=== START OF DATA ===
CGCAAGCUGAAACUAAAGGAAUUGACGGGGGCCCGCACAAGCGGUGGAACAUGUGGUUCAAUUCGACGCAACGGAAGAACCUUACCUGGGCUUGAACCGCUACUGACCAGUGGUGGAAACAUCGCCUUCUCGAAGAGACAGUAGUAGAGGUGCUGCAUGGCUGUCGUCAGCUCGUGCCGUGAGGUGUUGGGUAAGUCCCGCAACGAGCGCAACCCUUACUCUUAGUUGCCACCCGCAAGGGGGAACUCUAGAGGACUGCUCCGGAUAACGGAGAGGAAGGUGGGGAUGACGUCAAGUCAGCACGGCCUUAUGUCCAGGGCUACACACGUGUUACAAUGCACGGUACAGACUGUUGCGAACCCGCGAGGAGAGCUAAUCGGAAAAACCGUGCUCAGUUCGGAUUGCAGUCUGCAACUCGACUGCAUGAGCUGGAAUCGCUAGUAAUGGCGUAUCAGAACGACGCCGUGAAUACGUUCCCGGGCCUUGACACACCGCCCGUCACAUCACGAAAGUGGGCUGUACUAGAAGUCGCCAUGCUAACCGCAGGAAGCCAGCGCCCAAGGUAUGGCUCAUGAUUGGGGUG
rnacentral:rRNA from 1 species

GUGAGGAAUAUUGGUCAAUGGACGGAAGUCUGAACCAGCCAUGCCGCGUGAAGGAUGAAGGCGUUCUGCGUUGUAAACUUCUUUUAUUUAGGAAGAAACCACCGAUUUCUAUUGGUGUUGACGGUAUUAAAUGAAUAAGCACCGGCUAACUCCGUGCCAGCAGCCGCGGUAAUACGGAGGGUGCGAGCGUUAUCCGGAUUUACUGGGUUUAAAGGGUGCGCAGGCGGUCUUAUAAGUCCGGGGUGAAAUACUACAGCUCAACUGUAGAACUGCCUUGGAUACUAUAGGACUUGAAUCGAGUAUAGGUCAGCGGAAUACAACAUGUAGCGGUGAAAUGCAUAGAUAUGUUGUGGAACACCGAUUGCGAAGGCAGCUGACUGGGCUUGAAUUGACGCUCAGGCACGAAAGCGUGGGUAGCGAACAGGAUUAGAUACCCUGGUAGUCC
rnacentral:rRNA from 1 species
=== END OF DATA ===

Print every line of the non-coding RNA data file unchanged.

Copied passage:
CGCAAGCUGAAACUAAAGGAAUUGACGGGGGCCCGCACAAGCGGUGGAACAUGUGGUUCAAUUCGACGCAACGGAAGAACCUUACCUGGGCUUGAACCGCUACUGACCAGUGGUGGAAACAUCGCCUUCUCGAAGAGACAGUAGUAGAGGUGCUGCAUGGCUGUCGUCAGCUCGUGCCGUGAGGUGUUGGGUAAGUCCCGCAACGAGCGCAACCCUUACUCUUAGUUGCCACCCGCAAGGGGGAACUCUAGAGGACUGCUCCGGAUAACGGAGAGGAAGGUGGGGAUGACGUCAAGUCAGCACGGCCUUAUGUCCAGGGCUACACACGUGUUACAAUGCACGGUACAGACUGUUGCGAACCCGCGAGGAGAGCUAAUCGGAAAAACCGUGCUCAGUUCGGAUUGCAGUCUGCAACUCGACUGCAUGAGCUGGAAUCGCUAGUAAUGGCGUAUCAGAACGACGCCGUGAAUACGUUCCCGGGCCUUGACACACCGCCCGUCACAUCACGAAAGUGGGCUGUACUAGAAGUCGCCAUGCUAACCGCAGGAAGCCAGCGCCCAAGGUAUGGCUCAUGAUUGGGGUG
rnacentral:rRNA from 1 species

GUGAGGAAUAUUGGUCAAUGGACGGAAGUCUGAACCAGCCAUGCCGCGUGAAGGAUGAAGGCGUUCUGCGUUGUAAACUUCUUUUAUUUAGGAAGAAACCACCGAUUUCUAUUGGUGUUGACGGUAUUAAAUGAAUAAGCACCGGCUAACUCCGUGCCAGCAGCCGCGGUAAUACGGAGGGUGCGAGCGUUAUCCGGAUUUACUGGGUUUAAAGGGUGCGCAGGCGGUCUUAUAAGUCCGGGGUGAAAUACUACAGCUCAACUGUAGAACUGCCUUGGAUACUAUAGGACUUGAAUCGAGUAUAGGUCAGCGGAAUACAACAUGUAGCGGUGAAAUGCAUAGAUAUGUUGUGGAACACCGAUUGCGAAGGCAGCUGACUGGGCUUGAAUUGACGCUCAGGCACGAAAGCGUGGGUAGCGAACAGGAUUAGAUACCCUGGUAGUCC
rnacentral:rRNA from 1 species